Miller becomes stay-at-home Mama and Jane becomes Mommy, the primary breadwinner. Miller recounts in great detail the ups and downs, comic moments and exhaustion, plus the challenges to their relationship involved in becoming pregnant as a lesbian couple and raising their daughter, Hannah. We journey with them, up to Hannah’s toddlerhood. She shares the ways in which their family is just like any other family, the ways in which she is just like any other mother--and the ways in which she is not, as a nonbiological lesbian mom.
Miller’s memoir, She Looks just like You: A Memoir of (Nonbiological Lesbian) Motherhood, is funny, gritty and intriguing. I didn’t want it to end.
Years ago when I worked in archives, I would spend hours and
hours looking through photos taken during the Harlem Renaissance era. Most of those photos were taken by James
VanDerZee, a brilliant African American photographer who had the ability to capture the true essence
of his subjects.
VanDerZee was born in Lennox, Massachusetts in 1886. As a young boy, he fell in love with "a huge contraption called a camera" and immediately taught himself how to take photos and develop the film in his own closet darkroom. At 18, he moved to New York City when the Harlem Renaissance was beginning. After working several jobs, VanDerZee opened his own photography studio and began his journey photographing everyone and everything. His photos were so well-produced, his services were in high demand for the next 60 plus years.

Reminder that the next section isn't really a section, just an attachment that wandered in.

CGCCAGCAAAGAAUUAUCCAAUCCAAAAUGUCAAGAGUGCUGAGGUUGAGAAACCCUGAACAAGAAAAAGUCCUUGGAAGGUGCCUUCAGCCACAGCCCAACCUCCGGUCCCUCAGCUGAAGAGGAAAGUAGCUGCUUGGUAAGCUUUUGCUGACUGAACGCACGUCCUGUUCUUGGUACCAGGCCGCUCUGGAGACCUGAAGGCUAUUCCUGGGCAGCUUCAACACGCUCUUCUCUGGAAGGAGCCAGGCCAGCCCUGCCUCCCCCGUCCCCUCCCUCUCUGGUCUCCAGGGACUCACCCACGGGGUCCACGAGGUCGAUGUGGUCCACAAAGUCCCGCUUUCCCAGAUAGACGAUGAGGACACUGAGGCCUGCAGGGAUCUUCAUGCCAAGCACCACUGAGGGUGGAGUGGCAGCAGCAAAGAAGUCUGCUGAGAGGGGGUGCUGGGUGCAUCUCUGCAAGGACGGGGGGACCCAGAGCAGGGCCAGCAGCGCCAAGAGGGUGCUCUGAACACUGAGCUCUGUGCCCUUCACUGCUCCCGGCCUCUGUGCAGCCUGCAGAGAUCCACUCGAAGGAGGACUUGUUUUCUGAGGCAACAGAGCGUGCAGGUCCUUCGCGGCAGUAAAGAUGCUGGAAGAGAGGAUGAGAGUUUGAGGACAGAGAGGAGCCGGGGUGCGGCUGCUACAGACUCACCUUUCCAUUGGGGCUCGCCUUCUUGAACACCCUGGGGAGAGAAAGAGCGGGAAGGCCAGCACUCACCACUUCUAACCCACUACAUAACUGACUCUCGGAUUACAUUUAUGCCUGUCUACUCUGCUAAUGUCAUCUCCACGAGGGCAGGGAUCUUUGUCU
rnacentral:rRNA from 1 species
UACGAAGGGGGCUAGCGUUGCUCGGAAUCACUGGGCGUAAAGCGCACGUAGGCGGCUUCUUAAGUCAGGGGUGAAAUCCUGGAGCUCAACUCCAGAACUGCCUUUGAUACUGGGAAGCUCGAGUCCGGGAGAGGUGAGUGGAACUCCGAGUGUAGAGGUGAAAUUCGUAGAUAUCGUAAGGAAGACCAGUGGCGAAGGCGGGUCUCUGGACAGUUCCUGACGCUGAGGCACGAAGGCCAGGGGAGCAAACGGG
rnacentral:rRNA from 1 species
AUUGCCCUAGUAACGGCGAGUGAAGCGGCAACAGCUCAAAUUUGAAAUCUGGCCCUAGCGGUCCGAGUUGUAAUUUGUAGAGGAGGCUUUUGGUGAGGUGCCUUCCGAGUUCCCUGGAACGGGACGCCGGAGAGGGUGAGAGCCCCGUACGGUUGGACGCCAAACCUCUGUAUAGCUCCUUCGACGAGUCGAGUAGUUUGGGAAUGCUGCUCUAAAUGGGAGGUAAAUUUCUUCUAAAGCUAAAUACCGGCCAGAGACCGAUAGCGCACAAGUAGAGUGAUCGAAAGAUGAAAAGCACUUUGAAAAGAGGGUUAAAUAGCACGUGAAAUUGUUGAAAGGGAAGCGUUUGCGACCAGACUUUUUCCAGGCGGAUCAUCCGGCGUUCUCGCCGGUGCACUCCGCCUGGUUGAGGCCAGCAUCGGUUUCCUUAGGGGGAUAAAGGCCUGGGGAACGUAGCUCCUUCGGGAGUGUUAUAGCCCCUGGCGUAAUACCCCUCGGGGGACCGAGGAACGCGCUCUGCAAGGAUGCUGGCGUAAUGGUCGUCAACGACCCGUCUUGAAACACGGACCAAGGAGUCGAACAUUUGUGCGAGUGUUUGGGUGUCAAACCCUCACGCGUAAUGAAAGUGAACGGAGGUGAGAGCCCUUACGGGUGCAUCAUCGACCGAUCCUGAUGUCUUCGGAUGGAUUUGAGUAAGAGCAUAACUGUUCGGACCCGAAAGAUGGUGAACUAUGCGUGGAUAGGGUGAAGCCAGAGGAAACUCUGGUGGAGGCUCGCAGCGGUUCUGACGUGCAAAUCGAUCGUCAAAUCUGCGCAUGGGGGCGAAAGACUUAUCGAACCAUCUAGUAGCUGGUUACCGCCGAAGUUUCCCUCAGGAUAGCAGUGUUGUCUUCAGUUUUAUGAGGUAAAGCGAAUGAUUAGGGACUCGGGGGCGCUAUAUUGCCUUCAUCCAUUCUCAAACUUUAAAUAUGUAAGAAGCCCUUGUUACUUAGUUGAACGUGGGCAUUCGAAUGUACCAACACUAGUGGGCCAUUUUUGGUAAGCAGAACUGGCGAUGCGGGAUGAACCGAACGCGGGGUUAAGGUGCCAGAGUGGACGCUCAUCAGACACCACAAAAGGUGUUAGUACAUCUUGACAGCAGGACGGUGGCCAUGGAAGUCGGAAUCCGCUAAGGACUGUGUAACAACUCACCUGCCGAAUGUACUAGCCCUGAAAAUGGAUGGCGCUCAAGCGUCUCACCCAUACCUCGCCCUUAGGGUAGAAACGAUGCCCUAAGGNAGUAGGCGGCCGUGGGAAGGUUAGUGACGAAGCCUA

Andrea J. Loney introduces young readers to this amazing man in this well-written and illustrated biography picture book. I recommend it for family reading.
It's no secret that April Pulley Sayre is one of my favorite picture book authors. This week I discovered her nonfiction book for young readers, Raindrops Roll. Her incredible photography and rhyming text make this pick a huge hit at my house. All of us, adults and kids, spent some time poring over the pages and repeating the lyrical rhymes. Check this one out today!